How does cash value grow?

The guaranteed cash value grows based on the schedule in the illustration. 100% of the dividends get added to that when the “applied as paid-up additions” option is selected. Then, starting the second year of the policy, your premium gets added to your cash value, and of course, your PUA rider, too. All these things cause your cash value to grow – yes, even the premium!

Are there taxes?

Life insurance is a “tax on the seed” account (versus a “tax on the harvest” account like a 401k or IRA). So while you pay taxes going in, there is no tax on the growth of the cash value (or the dividends when purchasing PUA’s) or the death benefit. However, the death benefit is included in your estate, and subject to any estate and inheritance taxes that may apply.

How safe are insurance companies if this is my place to store my cash?

Mutual insurance companies (owned by their policyholders) have been around since the mid-1800s. Remember the insurance industry is a 100% legal reserve environment, unlike the banks that operate on fractional reserves. It is also state-regulated.

What if I’m not approved?

There are many different levels between “approved” at preferred rates and completely “declined.” Depending on their perception of your health, you may be approved for one of these in-between levels. If you qualify for less than preferred or standard rates, your policy is said to be “rated,” which means that you are approved, but you will pay a higher premium (slightly higher to much higher, depending.)

If you are not approved, or not approved at desirable rates, consider insuring your child, grandchild, or business partner. Unfortunately, nieces and nephews aren’t an option.

Are there other issues besides health?

Yes, there is the issue of Human Life Value, which has to do with the formulas Life Insurance Companies use to determine how much they can insure somebody for. You can’t insure someone for a ridiculous amount of money, for instance, a 20-year-old making $20k can’t get approved for $5 million.

For more on Human Life Value and also supplementing with term insurance, see our post on “How Much Life Insurance Do You Need?

 

Can I backdate 6 months, and why would I want to do that?

The first year is the worst part of the policy. You can get through those 12 months in 6 by backdating a policy for 6 months. Anyone can do this at any company. Sometimes it even moves your “insurance age” back one year, though it’s fine if it does not.
Please read or re-read our 50-page book Live Your Life Insurance as it will be a great “owner’s manual” for your whole life insurance policy with the PUA rider added. It is available as a kindle, paperback, or audiobook.

I’ve had health issues – will I qualify?

We won’t know until you get a physical exam done by the life insurance nurses. This exam is ordered by our team, and then the life insurance companies will send someone out to your home or work for a brief physical. (No, you can’t use your doctor, sorry.) You will also sign an application to get approved. (This does not commit you, this just gets you qualified so that you can choose to move forward if you wish… we recommend you get qualified for the highest amount as you can always come down.)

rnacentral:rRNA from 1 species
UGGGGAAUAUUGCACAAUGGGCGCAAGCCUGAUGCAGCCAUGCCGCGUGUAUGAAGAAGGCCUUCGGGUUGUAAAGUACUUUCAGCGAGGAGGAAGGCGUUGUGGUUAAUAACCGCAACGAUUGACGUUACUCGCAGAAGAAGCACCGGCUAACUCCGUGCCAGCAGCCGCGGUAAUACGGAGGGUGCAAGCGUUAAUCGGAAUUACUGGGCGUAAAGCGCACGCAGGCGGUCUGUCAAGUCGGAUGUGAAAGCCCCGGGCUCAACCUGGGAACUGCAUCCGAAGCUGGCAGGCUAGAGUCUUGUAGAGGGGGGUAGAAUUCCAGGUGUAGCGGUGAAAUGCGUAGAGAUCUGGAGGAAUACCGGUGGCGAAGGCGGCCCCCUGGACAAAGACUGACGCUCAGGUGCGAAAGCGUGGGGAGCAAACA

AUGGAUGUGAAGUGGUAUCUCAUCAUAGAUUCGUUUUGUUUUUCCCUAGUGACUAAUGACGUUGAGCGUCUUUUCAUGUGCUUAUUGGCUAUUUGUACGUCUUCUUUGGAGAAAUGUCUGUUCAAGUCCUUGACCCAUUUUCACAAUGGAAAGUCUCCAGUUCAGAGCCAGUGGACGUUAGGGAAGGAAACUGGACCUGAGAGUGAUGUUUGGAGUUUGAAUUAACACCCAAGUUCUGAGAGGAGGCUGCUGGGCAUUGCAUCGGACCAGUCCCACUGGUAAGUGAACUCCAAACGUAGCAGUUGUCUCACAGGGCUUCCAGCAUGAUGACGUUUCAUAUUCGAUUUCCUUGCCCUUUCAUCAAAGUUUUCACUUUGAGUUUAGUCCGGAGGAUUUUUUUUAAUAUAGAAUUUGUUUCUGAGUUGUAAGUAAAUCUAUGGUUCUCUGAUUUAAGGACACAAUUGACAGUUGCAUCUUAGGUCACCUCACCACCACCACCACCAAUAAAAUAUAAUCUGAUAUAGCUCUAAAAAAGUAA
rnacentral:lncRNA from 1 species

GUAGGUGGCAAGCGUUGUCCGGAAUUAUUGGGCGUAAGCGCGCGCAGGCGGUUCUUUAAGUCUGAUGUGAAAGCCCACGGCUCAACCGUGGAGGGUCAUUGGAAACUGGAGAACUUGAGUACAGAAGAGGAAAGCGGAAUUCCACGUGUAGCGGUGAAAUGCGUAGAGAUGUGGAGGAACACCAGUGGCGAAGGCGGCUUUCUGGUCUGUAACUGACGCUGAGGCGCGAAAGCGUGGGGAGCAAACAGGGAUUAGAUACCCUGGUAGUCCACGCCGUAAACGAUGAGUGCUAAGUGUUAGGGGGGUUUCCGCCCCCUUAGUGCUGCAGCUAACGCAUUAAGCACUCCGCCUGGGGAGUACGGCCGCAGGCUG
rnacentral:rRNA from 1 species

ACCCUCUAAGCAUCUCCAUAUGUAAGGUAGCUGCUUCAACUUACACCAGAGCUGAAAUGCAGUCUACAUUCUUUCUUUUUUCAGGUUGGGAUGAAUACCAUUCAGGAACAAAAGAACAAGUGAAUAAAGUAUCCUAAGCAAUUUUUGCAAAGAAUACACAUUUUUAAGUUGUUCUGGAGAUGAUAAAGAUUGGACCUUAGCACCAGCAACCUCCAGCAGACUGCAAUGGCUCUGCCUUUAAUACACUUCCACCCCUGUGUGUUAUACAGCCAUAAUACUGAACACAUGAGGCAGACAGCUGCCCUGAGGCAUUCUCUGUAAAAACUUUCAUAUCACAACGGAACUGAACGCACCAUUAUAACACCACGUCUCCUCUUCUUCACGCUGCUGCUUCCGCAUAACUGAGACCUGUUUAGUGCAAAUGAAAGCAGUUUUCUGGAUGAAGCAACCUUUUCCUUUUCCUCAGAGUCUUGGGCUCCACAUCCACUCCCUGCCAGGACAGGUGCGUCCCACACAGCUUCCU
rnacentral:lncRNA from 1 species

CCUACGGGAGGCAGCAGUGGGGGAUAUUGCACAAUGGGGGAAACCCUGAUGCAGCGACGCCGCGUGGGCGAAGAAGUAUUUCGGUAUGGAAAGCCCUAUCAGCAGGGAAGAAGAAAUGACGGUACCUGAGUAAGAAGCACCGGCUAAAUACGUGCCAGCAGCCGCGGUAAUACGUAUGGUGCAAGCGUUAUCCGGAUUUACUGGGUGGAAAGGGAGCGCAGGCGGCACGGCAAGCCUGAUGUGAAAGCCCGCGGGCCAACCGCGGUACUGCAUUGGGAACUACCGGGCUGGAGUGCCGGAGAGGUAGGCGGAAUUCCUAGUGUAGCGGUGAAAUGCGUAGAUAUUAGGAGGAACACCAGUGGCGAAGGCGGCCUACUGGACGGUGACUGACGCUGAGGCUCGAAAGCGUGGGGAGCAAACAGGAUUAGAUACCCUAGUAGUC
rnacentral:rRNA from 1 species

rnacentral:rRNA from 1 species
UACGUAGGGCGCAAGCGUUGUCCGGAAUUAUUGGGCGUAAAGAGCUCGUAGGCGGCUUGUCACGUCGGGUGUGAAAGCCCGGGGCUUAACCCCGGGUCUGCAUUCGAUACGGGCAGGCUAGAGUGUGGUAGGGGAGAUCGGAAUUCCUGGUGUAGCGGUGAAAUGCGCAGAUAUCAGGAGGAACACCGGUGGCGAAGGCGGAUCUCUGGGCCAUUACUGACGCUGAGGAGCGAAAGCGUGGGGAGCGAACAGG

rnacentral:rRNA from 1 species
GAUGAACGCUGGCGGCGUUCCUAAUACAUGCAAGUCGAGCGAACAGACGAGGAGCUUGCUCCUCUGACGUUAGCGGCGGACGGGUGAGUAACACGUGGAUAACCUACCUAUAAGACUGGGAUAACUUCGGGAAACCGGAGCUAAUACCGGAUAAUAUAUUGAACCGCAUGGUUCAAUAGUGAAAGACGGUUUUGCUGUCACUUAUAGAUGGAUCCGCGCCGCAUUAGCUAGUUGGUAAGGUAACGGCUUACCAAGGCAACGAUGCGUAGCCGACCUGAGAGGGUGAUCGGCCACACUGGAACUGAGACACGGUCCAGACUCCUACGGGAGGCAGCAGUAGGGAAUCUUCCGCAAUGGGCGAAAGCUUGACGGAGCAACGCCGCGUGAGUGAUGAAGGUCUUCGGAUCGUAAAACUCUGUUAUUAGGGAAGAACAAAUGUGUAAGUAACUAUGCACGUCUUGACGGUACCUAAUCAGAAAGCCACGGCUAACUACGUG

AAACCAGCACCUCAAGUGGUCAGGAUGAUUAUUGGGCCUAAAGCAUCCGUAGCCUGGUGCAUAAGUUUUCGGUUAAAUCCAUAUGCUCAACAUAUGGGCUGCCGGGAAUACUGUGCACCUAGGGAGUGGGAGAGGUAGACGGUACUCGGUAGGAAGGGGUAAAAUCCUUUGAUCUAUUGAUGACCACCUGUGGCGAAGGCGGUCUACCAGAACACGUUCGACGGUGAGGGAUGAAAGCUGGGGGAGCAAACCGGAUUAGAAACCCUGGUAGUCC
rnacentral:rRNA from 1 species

What is the qualifying exam like?

They will take a blood sample, a urine sample, ask medical questions, and measure your blood pressure, height, and weight. They may possibly want a resting EKG (especially for older clients or higher amounts.) For each new policy, you get a new physical.
Note: They DO contact people’s doctors. They are sent a form the client has signed, giving permission for their doctor to send their medical records to the insurance company. This is called the APS, or Attending Physician Statement, and the Doctor’s office is paid for it by the insurance company. This is a non-negotiable requirement.

How long will it take?

It takes 2-6 weeks to get approved which allows for both the health exam and the paperwork process. We can’t tell anything with just the exam, it must have the paperwork as well, which is an actual life insurance application.

How do you pick the insurance company?

As long as you are looking at Whole Life Insurance with a PUA rider, from a mutual life insurance company that is over 100 years old, it does not matter which insurance company you buy from, because they are all the same – same actuaries, same actuarial table, all invest in the same things, and the bulk of their dividend-paying ability is from their business model of lots of people buying term life insurance and never making a claim so the insurance company keeps the premiums and pays dividends from that business model.